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					Cloning - The Good, The Bad and The Ugly
Good news! Cloning can cure genetic diseases! Bad News! You die younger. The
scientific press has recently thrown up both good news and bad news for those of us
interested in the field of cloning. Work from America has shown that a genetic
deficiency can be cured by using cloning techniques, while Japanese scientists tell us
that cloned animals tend to die young. So what exactly do these papers say? And
what do they mean for the future of cloning research?




                                        The success story comes from the lab of
Rudolf Jaenisch, using mice deficient in a gene called Rag2 which is important for
the immune system. Without this gene, the animals are highly susceptible to
infections. Notably, a similar condition exists in humans defective for the equivalent
gene. The American researchers took cells from the tail tips of the mutant mice, and
injected them into eggs from which the DNA had previously been removed. These
eggs were then allowed to develop to an early stage of development known as a
blastocyst. Mouse blastocysts have an intriguing property in that certain cells from
these embryos can be maintained indefinitely in culture (in plastic dishes), becoming
embryonic stem cells.

These embryonic stem cells (or ES cells, as they are more often known) can be
replaced in blastocysts and will develop into normal mice, or they can be treated
with various chemicals to turn them into a wide range of other cell types. The
researchers took the ES cells from the cloned blastocysts lacking the Rag2 gene, and
repaired the mutation using standard genetic engineering techniques. These mended
ES cells were then used in two different ways. Firstly, they generated new embryos
from the ES cells and allowed them to develop into mice.

These "healed" mice were then used as bone marrow donors, replacing the defective
immune cells in the mutant mice with functional repaired cells. Because the donors
and the mutants are derived from mice with the same genetic background (apart
from the Rag2 mutation), there are no problems with rejection of the donated cells.
Analysis of the treated mutants showed a complete restoration of the immune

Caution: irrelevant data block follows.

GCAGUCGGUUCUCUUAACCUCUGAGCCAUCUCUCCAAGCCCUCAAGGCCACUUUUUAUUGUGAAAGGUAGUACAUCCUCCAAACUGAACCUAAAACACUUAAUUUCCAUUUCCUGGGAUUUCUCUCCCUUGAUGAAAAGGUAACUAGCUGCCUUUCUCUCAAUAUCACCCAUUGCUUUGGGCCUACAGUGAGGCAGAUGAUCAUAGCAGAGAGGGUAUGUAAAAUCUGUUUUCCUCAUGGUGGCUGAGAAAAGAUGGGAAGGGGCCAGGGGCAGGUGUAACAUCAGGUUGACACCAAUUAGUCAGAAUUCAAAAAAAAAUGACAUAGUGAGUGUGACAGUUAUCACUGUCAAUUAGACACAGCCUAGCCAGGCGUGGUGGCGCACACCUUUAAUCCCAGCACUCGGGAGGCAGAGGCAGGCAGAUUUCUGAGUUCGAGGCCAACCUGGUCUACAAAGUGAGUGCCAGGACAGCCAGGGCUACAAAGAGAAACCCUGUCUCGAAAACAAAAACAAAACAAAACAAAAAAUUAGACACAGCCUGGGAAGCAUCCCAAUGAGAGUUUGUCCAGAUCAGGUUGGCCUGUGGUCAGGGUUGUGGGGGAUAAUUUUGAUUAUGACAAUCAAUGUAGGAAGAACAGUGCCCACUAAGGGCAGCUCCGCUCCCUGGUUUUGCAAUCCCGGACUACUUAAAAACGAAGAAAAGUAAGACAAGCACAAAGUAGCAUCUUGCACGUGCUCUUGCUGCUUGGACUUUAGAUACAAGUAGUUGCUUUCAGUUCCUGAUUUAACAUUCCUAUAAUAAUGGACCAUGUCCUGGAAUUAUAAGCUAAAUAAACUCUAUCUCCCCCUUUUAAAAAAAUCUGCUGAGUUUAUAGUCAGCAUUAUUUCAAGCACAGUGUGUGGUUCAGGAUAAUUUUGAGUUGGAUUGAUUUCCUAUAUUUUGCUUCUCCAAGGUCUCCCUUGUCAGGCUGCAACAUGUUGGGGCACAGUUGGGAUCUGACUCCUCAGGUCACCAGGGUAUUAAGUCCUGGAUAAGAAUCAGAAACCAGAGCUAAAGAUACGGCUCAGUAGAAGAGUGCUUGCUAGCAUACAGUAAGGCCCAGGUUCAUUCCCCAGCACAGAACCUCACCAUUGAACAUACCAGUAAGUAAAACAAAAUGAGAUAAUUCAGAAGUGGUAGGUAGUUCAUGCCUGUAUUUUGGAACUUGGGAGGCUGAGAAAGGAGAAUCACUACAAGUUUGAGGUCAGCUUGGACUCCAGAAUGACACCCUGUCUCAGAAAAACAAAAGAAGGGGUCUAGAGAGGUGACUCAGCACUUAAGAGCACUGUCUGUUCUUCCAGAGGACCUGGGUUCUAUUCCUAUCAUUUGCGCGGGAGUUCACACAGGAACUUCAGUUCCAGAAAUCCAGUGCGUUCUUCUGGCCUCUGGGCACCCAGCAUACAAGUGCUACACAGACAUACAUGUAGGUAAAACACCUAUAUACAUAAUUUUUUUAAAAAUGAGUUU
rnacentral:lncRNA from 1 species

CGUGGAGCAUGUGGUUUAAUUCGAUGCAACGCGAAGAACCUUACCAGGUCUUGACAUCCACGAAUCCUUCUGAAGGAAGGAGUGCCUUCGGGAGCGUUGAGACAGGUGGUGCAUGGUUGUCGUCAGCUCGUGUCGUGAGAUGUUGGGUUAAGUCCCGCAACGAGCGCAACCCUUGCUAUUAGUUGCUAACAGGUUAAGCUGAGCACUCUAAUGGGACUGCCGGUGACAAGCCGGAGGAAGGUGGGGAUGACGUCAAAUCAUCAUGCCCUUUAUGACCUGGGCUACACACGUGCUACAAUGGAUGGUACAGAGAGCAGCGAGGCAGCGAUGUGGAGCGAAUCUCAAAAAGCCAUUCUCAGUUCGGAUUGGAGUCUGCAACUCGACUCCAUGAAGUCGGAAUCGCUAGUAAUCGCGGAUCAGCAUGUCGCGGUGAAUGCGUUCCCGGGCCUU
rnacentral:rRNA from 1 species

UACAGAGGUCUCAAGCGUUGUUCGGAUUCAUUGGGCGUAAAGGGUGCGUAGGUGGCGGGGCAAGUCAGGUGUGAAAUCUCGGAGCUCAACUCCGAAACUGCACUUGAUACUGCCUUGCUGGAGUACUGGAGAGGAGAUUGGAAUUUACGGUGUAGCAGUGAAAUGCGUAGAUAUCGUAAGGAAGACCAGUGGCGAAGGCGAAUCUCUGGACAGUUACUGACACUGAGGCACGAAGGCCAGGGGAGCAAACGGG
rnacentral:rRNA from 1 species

system, making this method a great success.

A second approach involved growing the repaired ES cells in culture with certain
factors which convert them into specialised immune system stem cells. These
artificially generated immune stem cells could then be transplanted back into the
mutant mice. Unfortunately, the mutant mice rejected these transplanted cells,
perhaps due to changes which happen to the cells during the culturing process. The
transplants were only successful when the Rag2 mutants were given treatment to
further damage their already compromised immune systems, as it is the remaining
immune components that cause the rejection. But what does this research mean
practically? Can we transfer this knowledge to human therapies?

Sadly, it would appear not at the moment. In the successful first experiment, the
scientists used the cloned repaired ES cells to generate a whole new donor mouse. If
we translate this to humans, this would mean generating an adult clone as a "spare
part" donor, an act that most people would view as morally questionable in the
extreme. A less extreme but perhaps comparable situation might be the furore that
surrounded the announcement that a couples undergoing IVF had genetically
selected their embryos to be cell donors for their other child. Although the second
approach, growing the cells in culture, had some success when the mutant host
animals were treated with immunosuppressants, this is also a far from ideal
situation as the whole point of the therapy is to restore immune function.

Another nail in the coffin of this idea is the fact that human ES cells do not have
exactly the same properties as mouse ES cells. Indeed, the difficulty of working with
these cells (both technically and legally) has meant that researchers know very little
about the properties and potential of human ES cells. However, this research does at
least give a glimmer of hope that one day cloning and stem cell technology could be
used in this way to treat human diseases.

In the other corner of the world, both scientifically and geographically, Japanese
scientists led by Atsuo Ogura have demonstrated that cloned mice die significantly
sooner than normal mice, or mice generated by artificial injection of sperm into the
egg. Over eighty percent of the clones had died after 2 years and 2 months, while
the normal mice were still going strong. The clones were found to suffer from severe
penumonia and liver failure. Other researchers have also shown clones to have
excessive obesity, birth defects and a high rate of death immediately after birth.
This is true not just of mice, but of other animals such as cows.

The recent claim in the media by human cloning guru Severino Antinori that at least
one woman is currently pregnant with a cloned human is enough in itself to warrant
a shiver of fear in the scientific community. As the evidence grows that cloning
directly to make whole new individuals (not ES cells, as with the American
experiments) leads to defects and problems, the likelihood of generating viable
human clones recedes. The attack of the clones, at least as the science fiction
writers would have it, seems to be just as far away as ever.

				
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posted:1/21/2013
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